Joseph F. Smith


“He resembles the Prophet Joseph more than any man living. He will become the President of the Church of Jesus Christ of Latter-day Saints.” (Matthias Cowley, Wilford Woodruff, p. 536.)

In 1901 Joseph F. Smith became the sixth president of the Church, fulfilling the prophecy made by Wilford Woodruff in 1869. He served as such for seventeen years until his death on November 19, 1918, at age eighty. Nephew of the Prophet, he was the last president of the Church who personally remembered Joseph Smith.

Born at Far West, Missouri, on November 13, 1838, to Hyrum Smith and Mary Fielding, he was the first president born in the Church. His father was martyred when Joseph was only 5 1/2 years old. He crossed the plains at age ten, was orphaned at thirteen when his mother died, and at fifteen went on a mission, the first of several he would fill in America, Europe, and the Hawaiian Islands. In 1866 at age twenty-eight he became an apostle and counselor to Brigham Young; he also served in the First Presidency under the next three presidents—John Taylor, Wilford Woodruff, and Lorenzo Snow.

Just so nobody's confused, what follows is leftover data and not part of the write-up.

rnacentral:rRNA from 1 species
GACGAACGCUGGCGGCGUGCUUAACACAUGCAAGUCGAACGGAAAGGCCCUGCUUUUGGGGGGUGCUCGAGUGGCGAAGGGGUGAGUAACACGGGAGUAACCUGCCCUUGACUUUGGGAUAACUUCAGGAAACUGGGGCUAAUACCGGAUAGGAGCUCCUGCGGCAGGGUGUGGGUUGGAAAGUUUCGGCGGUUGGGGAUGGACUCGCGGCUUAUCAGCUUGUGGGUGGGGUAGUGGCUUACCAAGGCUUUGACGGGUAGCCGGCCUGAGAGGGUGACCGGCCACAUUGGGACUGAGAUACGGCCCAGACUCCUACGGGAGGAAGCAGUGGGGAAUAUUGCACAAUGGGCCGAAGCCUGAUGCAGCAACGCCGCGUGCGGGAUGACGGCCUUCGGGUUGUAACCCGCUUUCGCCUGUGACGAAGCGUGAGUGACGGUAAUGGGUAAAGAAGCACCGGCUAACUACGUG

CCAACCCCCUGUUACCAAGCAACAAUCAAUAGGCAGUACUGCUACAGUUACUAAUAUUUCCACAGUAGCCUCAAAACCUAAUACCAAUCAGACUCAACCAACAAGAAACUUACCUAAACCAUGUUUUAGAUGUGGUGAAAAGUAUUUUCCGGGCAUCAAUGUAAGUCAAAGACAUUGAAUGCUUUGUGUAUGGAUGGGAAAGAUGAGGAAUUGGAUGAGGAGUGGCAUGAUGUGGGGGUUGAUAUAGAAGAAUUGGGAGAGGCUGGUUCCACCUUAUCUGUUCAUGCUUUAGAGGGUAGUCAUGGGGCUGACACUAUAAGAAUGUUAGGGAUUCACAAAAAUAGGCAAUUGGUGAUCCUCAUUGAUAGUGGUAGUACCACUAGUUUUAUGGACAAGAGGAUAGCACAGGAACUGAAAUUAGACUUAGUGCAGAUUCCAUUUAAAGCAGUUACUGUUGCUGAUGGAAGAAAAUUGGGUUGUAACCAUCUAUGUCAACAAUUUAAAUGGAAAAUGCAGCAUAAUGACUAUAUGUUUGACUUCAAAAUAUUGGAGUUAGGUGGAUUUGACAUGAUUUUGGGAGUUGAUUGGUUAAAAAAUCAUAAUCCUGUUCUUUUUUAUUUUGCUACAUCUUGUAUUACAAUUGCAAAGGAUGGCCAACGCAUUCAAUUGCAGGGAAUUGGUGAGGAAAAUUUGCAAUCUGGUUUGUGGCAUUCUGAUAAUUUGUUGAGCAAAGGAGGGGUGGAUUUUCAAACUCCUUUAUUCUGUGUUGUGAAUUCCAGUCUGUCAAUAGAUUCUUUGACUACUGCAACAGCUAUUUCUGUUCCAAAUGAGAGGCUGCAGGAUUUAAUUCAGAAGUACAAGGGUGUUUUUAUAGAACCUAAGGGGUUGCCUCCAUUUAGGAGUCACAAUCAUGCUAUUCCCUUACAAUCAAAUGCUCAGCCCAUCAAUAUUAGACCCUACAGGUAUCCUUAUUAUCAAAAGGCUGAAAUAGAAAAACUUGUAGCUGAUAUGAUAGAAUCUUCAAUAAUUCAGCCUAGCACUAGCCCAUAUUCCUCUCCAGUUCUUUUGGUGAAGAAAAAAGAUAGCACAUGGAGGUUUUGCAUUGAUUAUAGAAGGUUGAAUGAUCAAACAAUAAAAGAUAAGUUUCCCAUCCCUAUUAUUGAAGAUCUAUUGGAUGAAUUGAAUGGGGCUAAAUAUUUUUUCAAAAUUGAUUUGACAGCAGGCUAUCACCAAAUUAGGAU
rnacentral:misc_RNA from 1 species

As President of the Church, Joseph F. Smith initiated family home evening, the seminary system, visitors centers, general courses of study for the Church, the Children’s Friend, and the Relief Society Magazine. Under his leadership the Church Administration Building, LDS Hospital, and the Hawaiian and Canadian temples were built.

His “Vision of the Redemption of the Dead,” received October 3, 1918, was added to the Pearl of Great Price at the April 1976 general conference of the Church.

“No man was more expressive of true love, broad democracy, and pure religion than was he.” (Levi Edgar Young, “President Joseph F. Smith,” p. 3.)